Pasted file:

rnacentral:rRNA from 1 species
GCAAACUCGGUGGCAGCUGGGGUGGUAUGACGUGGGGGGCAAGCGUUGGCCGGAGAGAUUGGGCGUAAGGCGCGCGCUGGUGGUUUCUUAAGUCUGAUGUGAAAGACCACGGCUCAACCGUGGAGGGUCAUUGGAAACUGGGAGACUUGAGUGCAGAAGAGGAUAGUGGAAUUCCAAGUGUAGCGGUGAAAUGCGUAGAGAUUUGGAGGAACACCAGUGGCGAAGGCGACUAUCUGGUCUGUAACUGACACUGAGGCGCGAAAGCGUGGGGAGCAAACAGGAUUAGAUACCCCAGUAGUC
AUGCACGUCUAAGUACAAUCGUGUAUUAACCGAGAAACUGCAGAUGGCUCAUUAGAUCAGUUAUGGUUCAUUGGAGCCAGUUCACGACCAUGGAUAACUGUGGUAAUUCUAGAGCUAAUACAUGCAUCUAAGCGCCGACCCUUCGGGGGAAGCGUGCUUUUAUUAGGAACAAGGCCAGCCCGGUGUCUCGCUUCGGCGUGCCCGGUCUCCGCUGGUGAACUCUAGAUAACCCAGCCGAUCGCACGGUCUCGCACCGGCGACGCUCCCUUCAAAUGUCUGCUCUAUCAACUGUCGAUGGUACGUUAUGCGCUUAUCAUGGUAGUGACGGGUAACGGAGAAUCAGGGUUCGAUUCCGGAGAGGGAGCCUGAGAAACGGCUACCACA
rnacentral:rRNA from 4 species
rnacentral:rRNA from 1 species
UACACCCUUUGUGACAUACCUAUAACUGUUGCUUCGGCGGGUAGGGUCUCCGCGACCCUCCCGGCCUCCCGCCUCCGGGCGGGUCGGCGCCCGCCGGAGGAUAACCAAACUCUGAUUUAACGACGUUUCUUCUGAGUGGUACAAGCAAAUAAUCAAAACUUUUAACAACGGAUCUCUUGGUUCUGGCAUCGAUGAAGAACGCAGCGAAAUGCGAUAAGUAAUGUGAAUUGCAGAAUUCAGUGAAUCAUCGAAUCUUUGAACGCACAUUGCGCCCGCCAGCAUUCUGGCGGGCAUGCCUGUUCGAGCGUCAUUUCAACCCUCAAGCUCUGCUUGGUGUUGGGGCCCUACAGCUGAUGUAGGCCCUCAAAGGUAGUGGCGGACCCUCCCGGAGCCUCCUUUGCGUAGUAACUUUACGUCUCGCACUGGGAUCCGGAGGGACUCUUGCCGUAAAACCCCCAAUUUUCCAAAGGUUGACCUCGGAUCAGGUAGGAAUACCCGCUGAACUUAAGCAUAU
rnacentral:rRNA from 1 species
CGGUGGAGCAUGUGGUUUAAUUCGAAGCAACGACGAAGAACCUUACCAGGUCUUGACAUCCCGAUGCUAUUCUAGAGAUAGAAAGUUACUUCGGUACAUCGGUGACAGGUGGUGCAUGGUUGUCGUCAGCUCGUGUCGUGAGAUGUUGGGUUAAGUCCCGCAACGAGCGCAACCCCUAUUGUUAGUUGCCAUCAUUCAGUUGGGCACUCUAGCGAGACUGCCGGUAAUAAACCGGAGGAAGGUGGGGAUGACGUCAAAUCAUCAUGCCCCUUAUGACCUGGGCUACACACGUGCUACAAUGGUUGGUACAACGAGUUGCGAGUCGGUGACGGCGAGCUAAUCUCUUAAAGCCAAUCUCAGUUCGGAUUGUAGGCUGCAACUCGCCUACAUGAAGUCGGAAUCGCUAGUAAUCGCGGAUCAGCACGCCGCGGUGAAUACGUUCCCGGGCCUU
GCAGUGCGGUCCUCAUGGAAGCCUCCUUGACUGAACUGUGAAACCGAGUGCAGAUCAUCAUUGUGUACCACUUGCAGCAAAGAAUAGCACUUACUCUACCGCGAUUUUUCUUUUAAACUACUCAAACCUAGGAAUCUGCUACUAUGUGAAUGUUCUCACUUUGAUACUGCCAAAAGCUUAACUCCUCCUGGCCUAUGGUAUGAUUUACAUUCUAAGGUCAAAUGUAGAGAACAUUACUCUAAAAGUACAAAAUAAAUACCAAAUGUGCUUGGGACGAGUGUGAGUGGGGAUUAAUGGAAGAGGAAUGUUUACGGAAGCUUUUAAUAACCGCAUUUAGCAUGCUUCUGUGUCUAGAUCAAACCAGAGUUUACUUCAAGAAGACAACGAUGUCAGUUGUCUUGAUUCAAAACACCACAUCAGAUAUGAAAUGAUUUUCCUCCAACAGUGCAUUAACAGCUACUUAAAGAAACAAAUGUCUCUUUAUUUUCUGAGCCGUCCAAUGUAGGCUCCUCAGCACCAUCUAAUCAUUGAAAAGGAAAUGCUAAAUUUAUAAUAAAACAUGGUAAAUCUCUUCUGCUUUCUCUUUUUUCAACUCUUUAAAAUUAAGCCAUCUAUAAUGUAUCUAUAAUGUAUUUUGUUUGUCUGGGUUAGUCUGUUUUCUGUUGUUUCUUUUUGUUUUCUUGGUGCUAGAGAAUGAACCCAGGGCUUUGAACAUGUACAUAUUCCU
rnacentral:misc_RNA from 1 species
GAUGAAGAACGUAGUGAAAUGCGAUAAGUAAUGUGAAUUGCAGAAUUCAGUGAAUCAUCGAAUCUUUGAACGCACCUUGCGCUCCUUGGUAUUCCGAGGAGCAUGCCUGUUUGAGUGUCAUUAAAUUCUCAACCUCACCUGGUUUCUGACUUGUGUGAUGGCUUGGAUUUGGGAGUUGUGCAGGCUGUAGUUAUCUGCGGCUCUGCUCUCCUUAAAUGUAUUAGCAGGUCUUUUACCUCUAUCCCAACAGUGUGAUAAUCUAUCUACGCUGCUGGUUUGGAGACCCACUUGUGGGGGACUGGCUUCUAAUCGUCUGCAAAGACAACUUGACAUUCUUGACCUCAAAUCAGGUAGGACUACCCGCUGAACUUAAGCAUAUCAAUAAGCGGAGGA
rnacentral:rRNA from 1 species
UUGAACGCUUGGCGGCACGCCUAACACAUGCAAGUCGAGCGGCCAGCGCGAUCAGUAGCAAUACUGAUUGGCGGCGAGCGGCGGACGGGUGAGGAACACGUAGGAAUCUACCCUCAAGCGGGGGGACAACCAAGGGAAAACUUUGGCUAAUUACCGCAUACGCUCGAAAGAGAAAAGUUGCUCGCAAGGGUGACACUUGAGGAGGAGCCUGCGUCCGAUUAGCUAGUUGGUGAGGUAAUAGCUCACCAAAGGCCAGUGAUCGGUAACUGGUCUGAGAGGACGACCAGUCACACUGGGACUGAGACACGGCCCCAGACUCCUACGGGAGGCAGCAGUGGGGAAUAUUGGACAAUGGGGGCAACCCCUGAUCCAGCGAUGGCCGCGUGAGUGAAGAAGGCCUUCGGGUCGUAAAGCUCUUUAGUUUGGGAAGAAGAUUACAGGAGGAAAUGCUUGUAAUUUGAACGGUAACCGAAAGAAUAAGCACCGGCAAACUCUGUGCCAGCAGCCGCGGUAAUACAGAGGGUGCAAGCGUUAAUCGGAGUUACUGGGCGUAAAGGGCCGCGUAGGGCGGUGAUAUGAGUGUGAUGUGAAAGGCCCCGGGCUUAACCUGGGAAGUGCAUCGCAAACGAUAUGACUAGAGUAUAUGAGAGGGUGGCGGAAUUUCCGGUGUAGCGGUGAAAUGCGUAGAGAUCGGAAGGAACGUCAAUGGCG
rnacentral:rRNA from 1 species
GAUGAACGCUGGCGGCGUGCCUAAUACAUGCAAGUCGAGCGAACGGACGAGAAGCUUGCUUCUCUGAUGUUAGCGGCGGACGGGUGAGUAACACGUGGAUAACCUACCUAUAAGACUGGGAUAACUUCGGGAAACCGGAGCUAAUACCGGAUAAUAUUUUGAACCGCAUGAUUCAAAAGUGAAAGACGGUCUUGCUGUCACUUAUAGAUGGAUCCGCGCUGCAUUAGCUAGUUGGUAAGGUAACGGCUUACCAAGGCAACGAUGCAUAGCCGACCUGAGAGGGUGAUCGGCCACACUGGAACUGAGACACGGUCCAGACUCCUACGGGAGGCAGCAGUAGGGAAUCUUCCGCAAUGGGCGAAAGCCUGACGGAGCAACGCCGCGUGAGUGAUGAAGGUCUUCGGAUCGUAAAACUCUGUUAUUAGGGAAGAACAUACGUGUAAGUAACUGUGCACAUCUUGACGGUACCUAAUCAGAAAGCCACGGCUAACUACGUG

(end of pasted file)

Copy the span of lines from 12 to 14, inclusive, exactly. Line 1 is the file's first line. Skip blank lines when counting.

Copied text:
rnacentral:rRNA from 1 species
UUGAACGCUUGGCGGCACGCCUAACACAUGCAAGUCGAGCGGCCAGCGCGAUCAGUAGCAAUACUGAUUGGCGGCGAGCGGCGGACGGGUGAGGAACACGUAGGAAUCUACCCUCAAGCGGGGGGACAACCAAGGGAAAACUUUGGCUAAUUACCGCAUACGCUCGAAAGAGAAAAGUUGCUCGCAAGGGUGACACUUGAGGAGGAGCCUGCGUCCGAUUAGCUAGUUGGUGAGGUAAUAGCUCACCAAAGGCCAGUGAUCGGUAACUGGUCUGAGAGGACGACCAGUCACACUGGGACUGAGACACGGCCCCAGACUCCUACGGGAGGCAGCAGUGGGGAAUAUUGGACAAUGGGGGCAACCCCUGAUCCAGCGAUGGCCGCGUGAGUGAAGAAGGCCUUCGGGUCGUAAAGCUCUUUAGUUUGGGAAGAAGAUUACAGGAGGAAAUGCUUGUAAUUUGAACGGUAACCGAAAGAAUAAGCACCGGCAAACUCUGUGCCAGCAGCCGCGGUAAUACAGAGGGUGCAAGCGUUAAUCGGAGUUACUGGGCGUAAAGGGCCGCGUAGGGCGGUGAUAUGAGUGUGAUGUGAAAGGCCCCGGGCUUAACCUGGGAAGUGCAUCGCAAACGAUAUGACUAGAGUAUAUGAGAGGGUGGCGGAAUUUCCGGUGUAGCGGUGAAAUGCGUAGAGAUCGGAAGGAACGUCAAUGGCG
rnacentral:rRNA from 1 species